So Laporta had to take action. After setting up a line of credit worth €550 million, the 60-year-old began to sell off assets for immediate cash payments in the hundreds of millions. Barcelona ended up with a staggering lump sum of €667 million after trading away future income from domestic television rights and selling 24.5% of its production studio.
Armed with a war chest to tackle the transfer market, Laporta sanctioned deals for Robert Lewandowski, Raphinha, Jules Kounde, Franck Kessie, and Andreas Christensen, committing around €150 million in fees and even more in wages to sign the quintet. Barcelona also offloaded Philippe Coutinho and Oscar Mingueza for €23 million and further trimmed their payroll by allowing several players - including Sergino Dest, Nico Gonzalez, Clement Lenglet, and Samuel Umtiti, to leave on loan. Other outcasts terminated their contracts entirely.
Laporta had to mortgage the future to get everything done, but the fact he managed the situation at all is worth celebrating.
Chelsea spent an estimated £242 million this summer. Somehow, they didn't improve their squad.
Although Thursday's last-minute move for Pierre-Emerick Aubameyang solved a glaring need at the center-forward position, the Blues barely did enough to cover the positions each of their departing players had vacated. Todd Boehly, who replaced respected figure Marina Granovskaia as sporting director after taking over as co-owner, showed little interest in negotiating anyone down from their asking price. In the end, Chelsea overpaid for Fofana after facing resistance from Leicester and stumped up an amount not even Manchester City would match for Marc Cucurella. Boehly also put a lot of faith in Raheem Sterling, a player who tends to dither in possession and miss chances in spectacular fashion.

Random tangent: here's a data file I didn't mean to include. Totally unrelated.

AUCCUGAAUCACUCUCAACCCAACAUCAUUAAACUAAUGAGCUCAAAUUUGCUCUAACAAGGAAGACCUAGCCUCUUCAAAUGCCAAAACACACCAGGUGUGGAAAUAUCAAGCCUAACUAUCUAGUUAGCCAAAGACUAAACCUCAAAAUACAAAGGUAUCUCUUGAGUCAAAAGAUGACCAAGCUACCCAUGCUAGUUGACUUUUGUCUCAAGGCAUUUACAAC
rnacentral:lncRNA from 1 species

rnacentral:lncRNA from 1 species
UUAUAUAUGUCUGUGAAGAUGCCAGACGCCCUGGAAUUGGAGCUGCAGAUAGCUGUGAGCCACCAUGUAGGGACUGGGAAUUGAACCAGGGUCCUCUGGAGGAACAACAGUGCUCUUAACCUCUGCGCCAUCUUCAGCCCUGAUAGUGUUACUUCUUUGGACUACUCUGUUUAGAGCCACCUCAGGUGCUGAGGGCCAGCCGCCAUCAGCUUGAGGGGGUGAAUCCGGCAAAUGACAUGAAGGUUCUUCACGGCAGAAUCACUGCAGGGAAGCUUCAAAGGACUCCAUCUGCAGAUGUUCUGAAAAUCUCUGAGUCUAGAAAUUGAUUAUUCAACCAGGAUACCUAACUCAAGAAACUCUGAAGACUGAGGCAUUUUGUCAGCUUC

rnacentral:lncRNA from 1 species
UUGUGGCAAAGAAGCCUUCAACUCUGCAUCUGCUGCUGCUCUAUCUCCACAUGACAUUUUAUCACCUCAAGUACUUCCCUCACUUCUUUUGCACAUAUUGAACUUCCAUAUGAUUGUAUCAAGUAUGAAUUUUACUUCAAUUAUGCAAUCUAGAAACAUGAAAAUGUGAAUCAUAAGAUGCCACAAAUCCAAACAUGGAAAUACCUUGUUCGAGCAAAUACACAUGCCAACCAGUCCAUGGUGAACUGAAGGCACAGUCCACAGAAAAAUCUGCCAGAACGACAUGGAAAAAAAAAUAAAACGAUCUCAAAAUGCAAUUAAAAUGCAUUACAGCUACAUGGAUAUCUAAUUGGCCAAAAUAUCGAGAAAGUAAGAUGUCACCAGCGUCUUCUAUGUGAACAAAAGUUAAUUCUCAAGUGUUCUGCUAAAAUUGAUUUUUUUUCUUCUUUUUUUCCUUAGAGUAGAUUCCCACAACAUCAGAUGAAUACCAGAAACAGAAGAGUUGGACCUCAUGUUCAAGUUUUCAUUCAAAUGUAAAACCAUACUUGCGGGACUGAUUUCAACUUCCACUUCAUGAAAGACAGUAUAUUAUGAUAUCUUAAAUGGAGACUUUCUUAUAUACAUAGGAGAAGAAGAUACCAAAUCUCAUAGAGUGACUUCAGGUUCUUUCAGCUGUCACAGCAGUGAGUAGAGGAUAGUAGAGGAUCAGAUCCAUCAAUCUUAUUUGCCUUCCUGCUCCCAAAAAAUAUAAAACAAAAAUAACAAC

Chelsea missed out on several targets as well. Kounde, Matthijs de Ligt, and Nathan Ake slipped through their fingers, Barcelona commandeered negotiations for Raphinha, and reported target Gabriel Jesus opted to join Arsenal. Factor in the players they lost - including Christensen, Antonio Rudiger, Romelu Lukaku, and Timo Werner - and it doesn't feel like Thomas Tuchel has secured any definitive upgrades. They're not worse than the side that finished runners-up to Liverpool in the League Cup and FA Cup finals, but they may not be any better either.
Loser: Christian Pulisic
Pulisic needed a fresh start. Tuchel only started him 13 times in the Premier League last season and offered no indication the American would get more playing time at Chelsea. When Manchester United emerged as a potential destination for the 23-year-old, it seemed like a good opportunity for him to shine, even on loan, in the months leading up to the World Cup. Anything but the status quo looked attractive.